Sunday, August 03, 2008

Language Instruction Part 3: Russian Books

There aren't as many good books for Russian instruction, surpassingly considering the Cold War. Saying that I can unqualifiedly recommend Live from Moscow: Russian Stage One. This is the textbook series that I learned from in college so take my recommendation with a grain of salt. The series has a textbook, workbook, audio cassettes, and VHS tapes. The textbook gets the learners toes wet with some loan words before getting into some of the grammatical differences as well as some of the more complicated subjects. The audio is used to reinforce lessons with exercises in conjunction with the workbook. The VHS tapes presents a soap operaesque story of an American visiting Russia. This reinforces the lessons of the textbook and shows how they would be used in conversation.

If you are looking for a comprehensive Russian-English Dictionary you can do much worse than this. They also do a decent job presenting the grammar and basic verbs of Russian.

Fortunately for language learners, Russian has a lot of its greatest writers who are out of copyright. You can find the odd poem by Pushkin on Gutenberg or through the links on Wikipedia. If you are yearning for a dual language printed book this may fit the bill. I personally love Mikhail Kuzmin whose books are pretty expensive if you are looking for them in print but are available on-line. He wrote on of the first gay novels in Russian, Wings.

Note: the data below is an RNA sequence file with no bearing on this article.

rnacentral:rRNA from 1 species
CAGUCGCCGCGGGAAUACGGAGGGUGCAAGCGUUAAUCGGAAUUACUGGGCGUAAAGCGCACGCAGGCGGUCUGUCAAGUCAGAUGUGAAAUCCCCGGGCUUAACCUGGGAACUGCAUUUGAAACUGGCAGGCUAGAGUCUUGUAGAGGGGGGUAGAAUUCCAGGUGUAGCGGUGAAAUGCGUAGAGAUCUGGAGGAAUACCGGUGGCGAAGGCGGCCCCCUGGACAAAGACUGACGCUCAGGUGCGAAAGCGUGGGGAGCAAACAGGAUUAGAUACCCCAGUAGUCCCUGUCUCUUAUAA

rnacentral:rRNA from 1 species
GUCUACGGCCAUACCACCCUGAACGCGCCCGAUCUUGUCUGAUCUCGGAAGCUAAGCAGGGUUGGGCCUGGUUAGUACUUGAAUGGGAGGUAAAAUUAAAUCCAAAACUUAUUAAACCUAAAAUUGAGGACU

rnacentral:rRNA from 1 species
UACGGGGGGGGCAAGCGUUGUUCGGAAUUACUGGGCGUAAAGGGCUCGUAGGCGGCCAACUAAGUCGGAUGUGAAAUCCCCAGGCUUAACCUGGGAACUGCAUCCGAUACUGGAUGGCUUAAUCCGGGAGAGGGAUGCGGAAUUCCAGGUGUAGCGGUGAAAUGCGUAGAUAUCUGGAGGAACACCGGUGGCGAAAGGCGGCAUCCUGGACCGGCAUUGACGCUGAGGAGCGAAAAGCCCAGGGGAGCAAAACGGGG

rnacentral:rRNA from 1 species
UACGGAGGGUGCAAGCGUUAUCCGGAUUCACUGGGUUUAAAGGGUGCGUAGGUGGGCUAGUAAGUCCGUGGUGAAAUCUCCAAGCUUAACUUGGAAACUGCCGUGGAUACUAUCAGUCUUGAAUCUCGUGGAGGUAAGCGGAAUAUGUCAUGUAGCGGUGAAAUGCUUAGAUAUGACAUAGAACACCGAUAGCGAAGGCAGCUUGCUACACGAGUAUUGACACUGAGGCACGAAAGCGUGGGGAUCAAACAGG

Community (data) properties

The use of community generated metadata is an interesting example of the potential of social networking. The community can generate terms that are meaningful for them instead of having them generated by an intermediate body such as the Library of Congress does for cataloging.

I'm looking at Delicious, which has revamped their site.

The lack of comma delaminated tagging seems like an oversight and adds to the potential for mislabeling but it can be overcome with a slight redesign. I've used Delicious in its previous incarnation and will check it out further. One of the problems, or at least oddities, that I noticed before is that many of the metadata tags that users create are not that descriptive, relevant, or just plain bad. Tagging a website as cool is useful on an individual basis but not so much on a community basis.

Another site that I'm excited about for a number of reasons, mostly game news related. However they are using community generated content and metadata in a very interesting way in a wiki site.

Video games would seem to be a nightmare to tag. Some of the problems such as the widely creative staff sizes and similar titles have been solved in relation to movies. Some of the issues such as repeated themes, character archetypes etc. have been solved in literature. The means of interaction however is unique. It will be interesting to see how much of a distinction, if any, is made between approaches to linear story telling for example. There are linear games that go from A to B, branching games where on decision effects chooses later on, and there are free roaming games. Some games have a mix of all three. It is always interesting to see how an untrained person approaches metadata creation and descriptive analysis.